Katharina and Ron proudly displaying their Bamboo Bike Project jerseys

Katharina and Ron proudly displaying their Bamboo Bike Project jerseys

Two residents of Hawaii, Katharina Pahnke and Ron Ogomori entered the race as members of the Bamboo Bike Project.  Normally, when a company or organization sponsors a rider, they pay for the expenses of the rider.  In this case, what we have is reverse-sponsoring, where the riders pay for the jerseys, and then help promote the project by training and racing in our jersey.

 

Katharina checking out eventual winner Shannon Cutting, while rounding one of the hairpins on Tantalus

Katharina checks out eventual winner Shannon Cutting, while she rounds one of the hairpins on Tantalus Drive

Both Katharina and Ron did well in their respective races.  Katharina did especially well in her first ever bicycle race, placing 2nd (with a finishing time under 26 minutes) behind a very experienced Shannon Cutting.

If you would like to share pictures of yourself in your Bamboo Bike Project jersey, please feel free to send them to us along with your story.

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Bamboo Bike Project Clothing!

Support the Bamboo Bike Project by purchasing a t-shirt!  Show off your commitment to sustainability initiatives with a fashionable brown tee replete with blue Bamboo Bike Project logo:

t-shirt logo

T-Shirt Logo

Your purchase will directly fund our efforts to develop a bamboo bike-building factory in Ghana, with all proceeds going toward paying for raw materials.  Check out this shirt-wearer in action:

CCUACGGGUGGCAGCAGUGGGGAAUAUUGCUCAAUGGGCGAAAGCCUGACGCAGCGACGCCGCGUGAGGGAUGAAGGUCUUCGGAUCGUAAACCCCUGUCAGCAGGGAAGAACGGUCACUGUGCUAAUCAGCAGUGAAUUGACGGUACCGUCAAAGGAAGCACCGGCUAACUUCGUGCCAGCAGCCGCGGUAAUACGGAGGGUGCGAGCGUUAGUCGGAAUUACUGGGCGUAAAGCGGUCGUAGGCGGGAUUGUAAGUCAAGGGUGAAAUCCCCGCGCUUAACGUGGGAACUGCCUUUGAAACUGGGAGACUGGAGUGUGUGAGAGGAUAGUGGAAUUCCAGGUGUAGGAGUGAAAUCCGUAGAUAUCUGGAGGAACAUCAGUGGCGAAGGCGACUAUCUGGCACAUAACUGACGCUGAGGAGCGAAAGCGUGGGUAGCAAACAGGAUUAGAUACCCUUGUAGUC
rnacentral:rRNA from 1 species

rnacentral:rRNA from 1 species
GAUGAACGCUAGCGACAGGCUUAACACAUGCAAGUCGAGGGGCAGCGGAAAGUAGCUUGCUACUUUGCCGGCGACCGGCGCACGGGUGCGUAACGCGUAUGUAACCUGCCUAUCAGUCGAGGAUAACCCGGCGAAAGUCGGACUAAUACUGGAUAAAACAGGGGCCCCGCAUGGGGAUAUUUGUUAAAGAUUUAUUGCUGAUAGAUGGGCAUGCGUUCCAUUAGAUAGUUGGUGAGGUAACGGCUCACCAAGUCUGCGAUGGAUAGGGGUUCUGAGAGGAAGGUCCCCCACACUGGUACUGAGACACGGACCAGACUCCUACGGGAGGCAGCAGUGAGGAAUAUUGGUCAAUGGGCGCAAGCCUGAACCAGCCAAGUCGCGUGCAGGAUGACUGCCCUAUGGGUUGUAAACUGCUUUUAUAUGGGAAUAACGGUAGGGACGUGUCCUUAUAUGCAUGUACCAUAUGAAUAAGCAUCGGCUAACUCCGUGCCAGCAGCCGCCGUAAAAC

Marissa Wearing Shirt and Riding Bamboo Bike

Marissa Wearing Shirt and Riding Bamboo Bike

Find out how you can buy a shirt here.  As always, you are also welcome to donate to our project online; all donations are tax deductible.

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Marty Odlin, engineer extraordinaire for the Bamboo Bike Project and assistant director of the Columbia University Center for Sustainable Engineering, will be heading off to Ghana in the coming week!  Marty will join a team in Ghana comprised of potential investors, scientists, and engineers, as he oversees field tests that will be run on our prototype bicycles!

After receiving the bamboo bikes that we sent some weeks ago, our contacts in Ghana ran some preliminary market tests to gauge interest in the product.  The encouraging feedback they received has led them to begin the next stage of product development: product testing in the field, under the conditions and stresses that a bamboo bike would face when put to daily use by local residents.

Because the bamboo bike models being used by this Ghanaian team are prototypes, Marty decided it would be a good idea to be present at these field tests; better understanding the way these prototypes fare will enable him to refine the designs of future models.  The Bamboo Bike Project also hopes that Marty will be able to answer all possible questions that might arise concerning engineering and structural mechanics, as well as assess any problems should they arise.

Marty will be in close contact with us throughout his trip to Ghana so stay tuned for updates on his travels and his findings!